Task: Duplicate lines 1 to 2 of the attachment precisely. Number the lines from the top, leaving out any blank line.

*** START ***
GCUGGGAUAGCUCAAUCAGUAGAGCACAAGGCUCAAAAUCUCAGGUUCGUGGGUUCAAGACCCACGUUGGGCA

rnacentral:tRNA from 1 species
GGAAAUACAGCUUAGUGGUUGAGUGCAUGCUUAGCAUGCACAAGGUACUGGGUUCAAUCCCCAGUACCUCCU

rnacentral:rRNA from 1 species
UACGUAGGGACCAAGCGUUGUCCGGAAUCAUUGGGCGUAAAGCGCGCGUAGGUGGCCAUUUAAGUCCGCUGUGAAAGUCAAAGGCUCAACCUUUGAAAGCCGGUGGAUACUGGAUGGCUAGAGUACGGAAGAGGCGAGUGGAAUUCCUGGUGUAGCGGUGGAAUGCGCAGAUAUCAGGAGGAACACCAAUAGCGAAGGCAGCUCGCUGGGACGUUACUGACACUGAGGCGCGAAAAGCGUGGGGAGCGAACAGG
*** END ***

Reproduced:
GCUGGGAUAGCUCAAUCAGUAGAGCACAAGGCUCAAAAUCUCAGGUUCGUGGGUUCAAGACCCACGUUGGGCA

rnacentral:tRNA from 1 species